II. THE BEGINNINGS OF MODERN CHEMISTRY

THE "PNEUMATIC" CHEMISTS

Modern chemistry may be said to have its beginning with the work of Stephen Hales (1677-1761), who early in the eighteenth century began his important study of the elasticity of air. Departing from the point of view of most of the scientists of the time, be considered air to be "a fine elastic fluid, with particles of very different nature floating in it" ; and he showed that these "particles" could be separated. He pointed out, also, that various gases, or "airs," as he called them, were contained in many solid substances. The importance of his work, however, lies in the fact that his general studies were along lines leading away from the accepted doctrines of the time, and that they gave the impetus to the investigation of the properties of gases by such chemists as Black, Priestley, Cavendish, and Lavoisier, whose specific discoveries are the foundation-stones of modern chemistry.

JOSEPH BLACK

The careful studies of Hales were continued by his younger confrere, Dr. Joseph Black (1728-1799), whose experiments in the weights of gases and other chemicals were first steps in quantitative chemistry. But even more important than his discoveries of chemical properties in general was his discovery of the properties of carbonic-acid gas.

Black had been educated for the medical profession in the University of Glasgow, being a friend and pupil of the famous Dr. William Cullen. But his liking was for the chemical laboratory rather than for the practice of medicine. Within three years after completing his medical course, and when only twenty-three years of age, he made the discovery of the properties of carbonic acid, which he called by the name of "fixed air." After discovering this gas, Black made a long series of experiments, by which he was able to show how widely it was distributed throughout nature. Thus, in 1757, be discovered that the bubbles given off in the process of brewing, where there was vegetable fermentation, were composed of it. To prove this, he collected the contents of these bubbles in a bottle containing lime-water. When this bottle was shaken violently, so that the lime-water and the carbonic acid became thoroughly mixed, an insoluble white powder was precipitated from the solution, the carbonic acid having combined chemically with the lime to form the insoluble calcium carbonate, or chalk. This experiment suggested another. Fixing a piece of burning charcoal in the end of a bellows, he arranged a tube so that the gas coming from the charcoal would pass through the lime-water, and, as in the case of the bubbles from the brewer's vat, he found that the white precipitate was thrown down; in short, that carbonic acid was given off in combustion. Shortly after, Black discovered that by blowing through a glass tube inserted into lime-water, chalk was precipitated, thus proving that carbonic acid was being constantly thrown off in respiration.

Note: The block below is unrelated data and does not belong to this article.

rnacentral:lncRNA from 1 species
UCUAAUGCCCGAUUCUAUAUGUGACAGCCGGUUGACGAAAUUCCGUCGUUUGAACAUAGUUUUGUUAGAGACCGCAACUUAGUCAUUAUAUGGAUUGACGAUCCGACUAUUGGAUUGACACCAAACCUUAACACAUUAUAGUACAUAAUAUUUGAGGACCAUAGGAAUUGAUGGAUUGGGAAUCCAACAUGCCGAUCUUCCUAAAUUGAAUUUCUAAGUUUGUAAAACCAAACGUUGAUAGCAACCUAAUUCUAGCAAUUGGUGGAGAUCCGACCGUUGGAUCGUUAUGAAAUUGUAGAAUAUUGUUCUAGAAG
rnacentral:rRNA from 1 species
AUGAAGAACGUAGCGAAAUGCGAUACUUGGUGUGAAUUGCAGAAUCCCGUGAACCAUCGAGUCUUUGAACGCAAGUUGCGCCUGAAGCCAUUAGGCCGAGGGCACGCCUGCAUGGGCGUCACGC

The effect of Black's discoveries was revolutionary, and the attitude of mind of the chemists towards gases, or "airs," was changed from that time forward. Most of the chemists, however, attempted to harmonize the new facts with the older theories—to explain all the phenomena on the basis of the phlogiston theory, which was still dominant. But while many of Black's discoveries could not be made to harmonize with that theory, they did not directly overthrow it. It required the additional discoveries of some of Black's fellow-scientists to complete its downfall, as we shall see.

HENRY CAVENDISH

This work of Black's was followed by the equally important work of his former pupil, Henry Cavendish (1731-1810), whose discovery of the composition of many substances, notably of nitric acid and of water, was of great importance, adding another link to the important chain of evidence against the phlogiston theory. Cavendish is one of the most eccentric figures in the history of science, being widely known in his own time for his immense wealth and brilliant intellect, and also for his peculiarities and his morbid sensibility, which made him dread society, and probably did much in determining his career. Fortunately for him, and incidentally for the cause of science, he was able to pursue laboratory investigations without being obliged to mingle with his dreaded fellow-mortals, his every want being provided for by the immense fortune inherited from his father and an uncle.